The actress gets paid a percentage of the Box Office take….
She gets less from streaming the movie on Disney+….
She’s getting ripped off…
(Movie theatre owners, filmmakers and others aren’t happy either)
She’s going to court….
Disney get’s stung….
After its release was delayed more than a year because of COVID-19, “Black Widow” debuted to a pandemic-best of $80 million in North America and $78 million from international theaters three weeks ago, but theatrical grosses declined sharply after that. In its second weekend in release, the National Association of Theater Owners issued a rare statement criticizing the strategy asserting that simultaneous release lends itself only to lost profits and higher quality piracy.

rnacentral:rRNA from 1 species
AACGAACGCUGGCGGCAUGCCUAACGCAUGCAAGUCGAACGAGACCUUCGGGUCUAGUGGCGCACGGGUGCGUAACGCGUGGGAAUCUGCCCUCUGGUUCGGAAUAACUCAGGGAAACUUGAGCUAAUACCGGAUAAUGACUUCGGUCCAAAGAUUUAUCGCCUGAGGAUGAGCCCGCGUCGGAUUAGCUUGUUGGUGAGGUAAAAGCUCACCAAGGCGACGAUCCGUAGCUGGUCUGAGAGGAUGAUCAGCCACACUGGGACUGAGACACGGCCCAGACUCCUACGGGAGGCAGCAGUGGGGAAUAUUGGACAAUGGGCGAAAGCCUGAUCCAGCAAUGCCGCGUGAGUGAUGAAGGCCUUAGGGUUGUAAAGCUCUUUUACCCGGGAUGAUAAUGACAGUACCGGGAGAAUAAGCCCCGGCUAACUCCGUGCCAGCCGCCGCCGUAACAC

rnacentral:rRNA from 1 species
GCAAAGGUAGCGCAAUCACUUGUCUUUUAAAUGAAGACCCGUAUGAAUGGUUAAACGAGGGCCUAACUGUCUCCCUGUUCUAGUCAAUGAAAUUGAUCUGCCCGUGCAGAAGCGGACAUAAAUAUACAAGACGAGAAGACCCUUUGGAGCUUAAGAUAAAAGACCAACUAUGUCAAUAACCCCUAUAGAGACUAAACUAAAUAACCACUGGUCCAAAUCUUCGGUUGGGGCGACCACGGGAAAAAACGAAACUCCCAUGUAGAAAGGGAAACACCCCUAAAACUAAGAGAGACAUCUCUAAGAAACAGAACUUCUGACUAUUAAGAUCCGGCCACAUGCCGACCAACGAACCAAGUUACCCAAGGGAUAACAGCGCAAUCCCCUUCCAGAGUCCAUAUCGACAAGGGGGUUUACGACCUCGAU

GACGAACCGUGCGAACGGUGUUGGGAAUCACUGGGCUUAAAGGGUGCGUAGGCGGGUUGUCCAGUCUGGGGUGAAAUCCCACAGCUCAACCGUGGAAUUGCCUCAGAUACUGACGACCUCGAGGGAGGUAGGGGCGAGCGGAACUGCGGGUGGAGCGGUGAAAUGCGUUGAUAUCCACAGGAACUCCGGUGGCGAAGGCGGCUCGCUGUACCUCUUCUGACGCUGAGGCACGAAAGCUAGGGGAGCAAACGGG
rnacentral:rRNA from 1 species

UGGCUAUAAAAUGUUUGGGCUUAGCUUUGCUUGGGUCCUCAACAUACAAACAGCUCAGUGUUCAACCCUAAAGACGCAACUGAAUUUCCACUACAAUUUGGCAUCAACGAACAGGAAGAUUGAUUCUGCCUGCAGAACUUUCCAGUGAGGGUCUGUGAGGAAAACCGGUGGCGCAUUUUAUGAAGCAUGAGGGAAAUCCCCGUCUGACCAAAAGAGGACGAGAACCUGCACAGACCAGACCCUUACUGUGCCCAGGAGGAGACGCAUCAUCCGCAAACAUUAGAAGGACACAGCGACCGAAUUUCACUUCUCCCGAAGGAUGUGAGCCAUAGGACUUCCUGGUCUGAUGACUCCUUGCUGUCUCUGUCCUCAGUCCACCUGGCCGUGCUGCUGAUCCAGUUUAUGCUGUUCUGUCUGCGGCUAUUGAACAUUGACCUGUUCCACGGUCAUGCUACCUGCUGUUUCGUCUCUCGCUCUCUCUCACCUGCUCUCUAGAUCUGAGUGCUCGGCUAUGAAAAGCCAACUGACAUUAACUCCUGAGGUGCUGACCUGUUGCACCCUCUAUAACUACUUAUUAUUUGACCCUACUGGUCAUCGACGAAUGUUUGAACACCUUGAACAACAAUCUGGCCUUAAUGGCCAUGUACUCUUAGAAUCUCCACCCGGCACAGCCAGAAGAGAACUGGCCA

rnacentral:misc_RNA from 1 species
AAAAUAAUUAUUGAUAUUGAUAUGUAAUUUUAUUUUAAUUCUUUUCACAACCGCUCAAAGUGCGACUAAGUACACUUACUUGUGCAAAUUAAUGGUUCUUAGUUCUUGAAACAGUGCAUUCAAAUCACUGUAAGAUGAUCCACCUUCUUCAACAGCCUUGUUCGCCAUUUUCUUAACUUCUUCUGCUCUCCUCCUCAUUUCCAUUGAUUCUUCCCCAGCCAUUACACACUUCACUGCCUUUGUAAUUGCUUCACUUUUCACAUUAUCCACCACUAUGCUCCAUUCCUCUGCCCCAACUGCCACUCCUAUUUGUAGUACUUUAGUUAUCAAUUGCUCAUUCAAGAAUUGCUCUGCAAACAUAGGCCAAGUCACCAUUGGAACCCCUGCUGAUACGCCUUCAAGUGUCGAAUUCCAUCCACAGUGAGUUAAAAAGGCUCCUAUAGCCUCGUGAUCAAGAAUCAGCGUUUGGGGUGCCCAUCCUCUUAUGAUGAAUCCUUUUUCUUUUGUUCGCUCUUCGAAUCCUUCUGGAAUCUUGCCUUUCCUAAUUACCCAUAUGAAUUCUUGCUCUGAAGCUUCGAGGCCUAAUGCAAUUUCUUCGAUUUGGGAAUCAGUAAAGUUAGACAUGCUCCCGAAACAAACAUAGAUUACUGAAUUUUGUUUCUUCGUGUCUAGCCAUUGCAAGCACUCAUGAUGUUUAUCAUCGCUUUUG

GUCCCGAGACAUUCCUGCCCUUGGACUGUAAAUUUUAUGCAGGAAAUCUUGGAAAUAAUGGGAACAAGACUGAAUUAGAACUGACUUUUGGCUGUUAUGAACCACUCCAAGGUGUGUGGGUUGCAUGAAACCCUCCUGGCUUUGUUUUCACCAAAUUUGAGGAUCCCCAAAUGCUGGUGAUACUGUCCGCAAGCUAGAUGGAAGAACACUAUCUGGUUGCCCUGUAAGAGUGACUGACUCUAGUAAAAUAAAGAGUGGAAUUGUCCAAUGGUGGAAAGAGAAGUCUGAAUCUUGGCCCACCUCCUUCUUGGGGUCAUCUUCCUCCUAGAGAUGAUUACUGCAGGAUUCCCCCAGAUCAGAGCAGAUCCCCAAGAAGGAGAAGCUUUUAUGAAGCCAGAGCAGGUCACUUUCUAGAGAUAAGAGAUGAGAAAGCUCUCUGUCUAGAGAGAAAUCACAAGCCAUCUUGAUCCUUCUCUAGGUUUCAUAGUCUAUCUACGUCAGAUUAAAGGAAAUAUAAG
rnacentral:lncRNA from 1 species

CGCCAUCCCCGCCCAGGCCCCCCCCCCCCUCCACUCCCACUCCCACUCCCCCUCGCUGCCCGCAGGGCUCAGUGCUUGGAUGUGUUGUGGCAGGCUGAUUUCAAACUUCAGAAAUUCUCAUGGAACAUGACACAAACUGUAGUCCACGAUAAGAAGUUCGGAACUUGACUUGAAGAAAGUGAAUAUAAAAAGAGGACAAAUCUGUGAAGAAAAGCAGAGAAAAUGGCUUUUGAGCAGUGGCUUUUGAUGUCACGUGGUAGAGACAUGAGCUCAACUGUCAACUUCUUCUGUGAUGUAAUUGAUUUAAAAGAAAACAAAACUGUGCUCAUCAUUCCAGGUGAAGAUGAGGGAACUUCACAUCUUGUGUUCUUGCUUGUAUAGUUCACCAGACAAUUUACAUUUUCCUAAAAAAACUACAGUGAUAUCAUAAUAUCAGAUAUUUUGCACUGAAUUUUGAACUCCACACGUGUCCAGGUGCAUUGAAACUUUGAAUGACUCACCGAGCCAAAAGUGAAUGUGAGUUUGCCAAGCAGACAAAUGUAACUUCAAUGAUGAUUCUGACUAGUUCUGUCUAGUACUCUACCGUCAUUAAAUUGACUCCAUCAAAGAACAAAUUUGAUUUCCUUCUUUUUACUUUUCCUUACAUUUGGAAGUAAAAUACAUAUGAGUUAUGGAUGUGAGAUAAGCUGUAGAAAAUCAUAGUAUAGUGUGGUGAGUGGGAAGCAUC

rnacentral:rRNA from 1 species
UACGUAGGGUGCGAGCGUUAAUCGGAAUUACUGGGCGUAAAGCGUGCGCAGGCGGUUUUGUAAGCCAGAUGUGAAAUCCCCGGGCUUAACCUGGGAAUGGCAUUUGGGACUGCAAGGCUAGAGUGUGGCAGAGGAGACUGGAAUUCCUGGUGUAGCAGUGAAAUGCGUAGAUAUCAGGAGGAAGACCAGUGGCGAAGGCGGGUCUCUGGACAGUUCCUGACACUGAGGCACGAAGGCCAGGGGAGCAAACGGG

Once taboo, hybrid theatrical and streaming releases have become more normal for many of the biggest studios during the pandemic, with each adopting its own unique strategy. This weekend, Disney is employing the same strategy with “Jungle Cruise,” and next weekend Warner Bros. big budget “The Suicide Squad” opens both in theaters and on HBO Max.
The revised hybrid release strategies over the 16 months have occasionally led to public spats from not just theater owners, but stars, filmmakers and financiers who are unhappy with the potential lost revenues and the alleged unilateral decision-making involved.
The WSJ said Warner Media, for instance, paid over $200 million in “amended agreements” with talent over its decision to release its entire 2021 slate simultaneously in theaters and on HBO Max….
image…The Mary Sue